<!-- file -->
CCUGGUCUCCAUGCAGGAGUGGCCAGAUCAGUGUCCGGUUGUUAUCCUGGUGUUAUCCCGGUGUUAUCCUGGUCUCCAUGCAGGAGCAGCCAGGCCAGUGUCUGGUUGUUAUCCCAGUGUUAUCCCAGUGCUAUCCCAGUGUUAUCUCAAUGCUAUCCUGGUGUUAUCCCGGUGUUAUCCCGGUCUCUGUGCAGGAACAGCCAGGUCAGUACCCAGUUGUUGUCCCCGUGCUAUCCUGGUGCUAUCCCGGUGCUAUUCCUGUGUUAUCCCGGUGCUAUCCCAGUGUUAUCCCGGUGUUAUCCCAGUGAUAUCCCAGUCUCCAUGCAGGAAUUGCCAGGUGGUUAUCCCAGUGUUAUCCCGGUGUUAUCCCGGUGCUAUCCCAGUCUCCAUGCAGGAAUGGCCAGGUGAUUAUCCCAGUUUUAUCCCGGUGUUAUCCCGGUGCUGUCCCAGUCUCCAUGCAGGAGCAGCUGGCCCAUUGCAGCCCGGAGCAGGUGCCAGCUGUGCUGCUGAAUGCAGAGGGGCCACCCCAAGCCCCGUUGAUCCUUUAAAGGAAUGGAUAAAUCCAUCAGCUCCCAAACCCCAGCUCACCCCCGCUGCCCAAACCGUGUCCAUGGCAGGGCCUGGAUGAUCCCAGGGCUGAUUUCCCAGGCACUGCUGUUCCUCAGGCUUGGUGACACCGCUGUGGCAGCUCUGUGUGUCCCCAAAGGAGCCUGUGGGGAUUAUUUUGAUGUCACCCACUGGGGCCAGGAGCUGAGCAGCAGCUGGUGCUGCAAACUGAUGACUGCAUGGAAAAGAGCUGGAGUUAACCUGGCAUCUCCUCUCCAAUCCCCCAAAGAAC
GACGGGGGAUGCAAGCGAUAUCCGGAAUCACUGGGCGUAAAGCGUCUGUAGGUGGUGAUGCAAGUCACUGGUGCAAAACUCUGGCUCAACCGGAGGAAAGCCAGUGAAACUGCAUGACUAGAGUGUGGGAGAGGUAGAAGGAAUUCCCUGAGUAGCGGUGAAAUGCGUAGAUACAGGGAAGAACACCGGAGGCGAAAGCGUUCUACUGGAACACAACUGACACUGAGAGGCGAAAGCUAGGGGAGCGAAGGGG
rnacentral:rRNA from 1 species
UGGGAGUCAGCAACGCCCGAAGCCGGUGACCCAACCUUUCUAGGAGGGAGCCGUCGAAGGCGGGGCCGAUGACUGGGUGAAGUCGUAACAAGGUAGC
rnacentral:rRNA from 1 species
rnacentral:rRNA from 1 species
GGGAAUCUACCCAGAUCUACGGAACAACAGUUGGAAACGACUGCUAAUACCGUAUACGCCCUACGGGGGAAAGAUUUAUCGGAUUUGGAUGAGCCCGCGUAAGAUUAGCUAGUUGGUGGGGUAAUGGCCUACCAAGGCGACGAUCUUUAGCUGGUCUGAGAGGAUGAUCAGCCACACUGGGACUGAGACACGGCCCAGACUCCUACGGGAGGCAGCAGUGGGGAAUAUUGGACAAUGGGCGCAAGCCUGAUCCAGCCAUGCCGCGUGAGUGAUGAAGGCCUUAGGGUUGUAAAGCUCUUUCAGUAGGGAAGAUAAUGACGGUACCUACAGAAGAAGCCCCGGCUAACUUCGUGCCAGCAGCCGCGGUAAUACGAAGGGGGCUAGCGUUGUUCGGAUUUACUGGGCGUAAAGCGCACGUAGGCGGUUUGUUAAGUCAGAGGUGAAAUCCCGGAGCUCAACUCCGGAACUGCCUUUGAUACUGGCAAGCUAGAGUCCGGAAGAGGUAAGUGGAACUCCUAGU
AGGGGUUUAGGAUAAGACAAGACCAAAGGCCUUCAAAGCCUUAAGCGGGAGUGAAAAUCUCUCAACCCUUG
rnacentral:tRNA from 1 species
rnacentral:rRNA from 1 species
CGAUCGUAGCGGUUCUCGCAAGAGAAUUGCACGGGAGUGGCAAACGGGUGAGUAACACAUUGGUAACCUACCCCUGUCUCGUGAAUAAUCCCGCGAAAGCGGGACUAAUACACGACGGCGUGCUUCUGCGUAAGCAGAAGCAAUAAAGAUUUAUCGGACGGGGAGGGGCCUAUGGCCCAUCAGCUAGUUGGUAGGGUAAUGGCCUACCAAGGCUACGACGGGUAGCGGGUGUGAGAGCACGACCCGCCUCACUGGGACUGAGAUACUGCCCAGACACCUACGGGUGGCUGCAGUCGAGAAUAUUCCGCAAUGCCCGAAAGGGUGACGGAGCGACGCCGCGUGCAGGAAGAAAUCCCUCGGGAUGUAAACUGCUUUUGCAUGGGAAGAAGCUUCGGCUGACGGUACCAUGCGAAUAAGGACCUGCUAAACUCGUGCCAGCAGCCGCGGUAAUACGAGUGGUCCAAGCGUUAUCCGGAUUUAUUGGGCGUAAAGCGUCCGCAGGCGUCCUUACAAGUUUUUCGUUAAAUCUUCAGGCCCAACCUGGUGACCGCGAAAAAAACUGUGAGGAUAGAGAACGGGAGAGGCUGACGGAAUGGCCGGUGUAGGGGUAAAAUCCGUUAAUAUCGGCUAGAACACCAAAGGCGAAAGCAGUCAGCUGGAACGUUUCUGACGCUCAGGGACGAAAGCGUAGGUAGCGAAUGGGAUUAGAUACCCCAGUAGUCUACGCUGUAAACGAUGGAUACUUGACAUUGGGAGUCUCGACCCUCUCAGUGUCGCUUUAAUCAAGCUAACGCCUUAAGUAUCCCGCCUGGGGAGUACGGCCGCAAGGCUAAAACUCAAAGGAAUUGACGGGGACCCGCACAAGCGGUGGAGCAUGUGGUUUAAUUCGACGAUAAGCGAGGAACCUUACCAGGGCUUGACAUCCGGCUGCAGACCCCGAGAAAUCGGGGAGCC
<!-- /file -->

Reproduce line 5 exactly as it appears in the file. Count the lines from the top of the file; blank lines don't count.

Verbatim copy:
rnacentral:rRNA from 1 species